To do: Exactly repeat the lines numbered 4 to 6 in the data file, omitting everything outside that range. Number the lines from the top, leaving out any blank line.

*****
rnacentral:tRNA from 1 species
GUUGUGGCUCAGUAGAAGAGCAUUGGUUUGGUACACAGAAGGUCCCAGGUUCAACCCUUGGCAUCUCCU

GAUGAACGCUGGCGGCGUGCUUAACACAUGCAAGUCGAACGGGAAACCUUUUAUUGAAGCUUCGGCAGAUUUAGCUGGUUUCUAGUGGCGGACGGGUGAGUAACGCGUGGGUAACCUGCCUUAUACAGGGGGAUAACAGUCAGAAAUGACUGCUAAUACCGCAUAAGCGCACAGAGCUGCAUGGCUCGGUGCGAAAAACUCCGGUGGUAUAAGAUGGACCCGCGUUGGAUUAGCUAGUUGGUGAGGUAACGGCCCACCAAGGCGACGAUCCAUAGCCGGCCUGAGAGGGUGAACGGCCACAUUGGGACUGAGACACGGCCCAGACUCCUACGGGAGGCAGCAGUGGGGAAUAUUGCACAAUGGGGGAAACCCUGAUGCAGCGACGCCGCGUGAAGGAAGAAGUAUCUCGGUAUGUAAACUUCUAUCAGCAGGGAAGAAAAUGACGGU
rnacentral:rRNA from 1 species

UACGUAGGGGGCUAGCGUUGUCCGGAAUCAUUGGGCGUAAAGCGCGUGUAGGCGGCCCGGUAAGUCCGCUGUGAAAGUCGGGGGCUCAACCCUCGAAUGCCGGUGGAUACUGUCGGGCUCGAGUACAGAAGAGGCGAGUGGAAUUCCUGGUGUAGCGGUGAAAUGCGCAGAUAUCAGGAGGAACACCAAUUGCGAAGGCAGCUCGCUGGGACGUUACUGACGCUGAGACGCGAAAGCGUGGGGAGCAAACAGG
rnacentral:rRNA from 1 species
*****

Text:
rnacentral:rRNA from 1 species

UACGUAGGGGGCUAGCGUUGUCCGGAAUCAUUGGGCGUAAAGCGCGUGUAGGCGGCCCGGUAAGUCCGCUGUGAAAGUCGGGGGCUCAACCCUCGAAUGCCGGUGGAUACUGUCGGGCUCGAGUACAGAAGAGGCGAGUGGAAUUCCUGGUGUAGCGGUGAAAUGCGCAGAUAUCAGGAGGAACACCAAUUGCGAAGGCAGCUCGCUGGGACGUUACUGACGCUGAGACGCGAAAGCGUGGGGAGCAAACAGG
rnacentral:rRNA from 1 species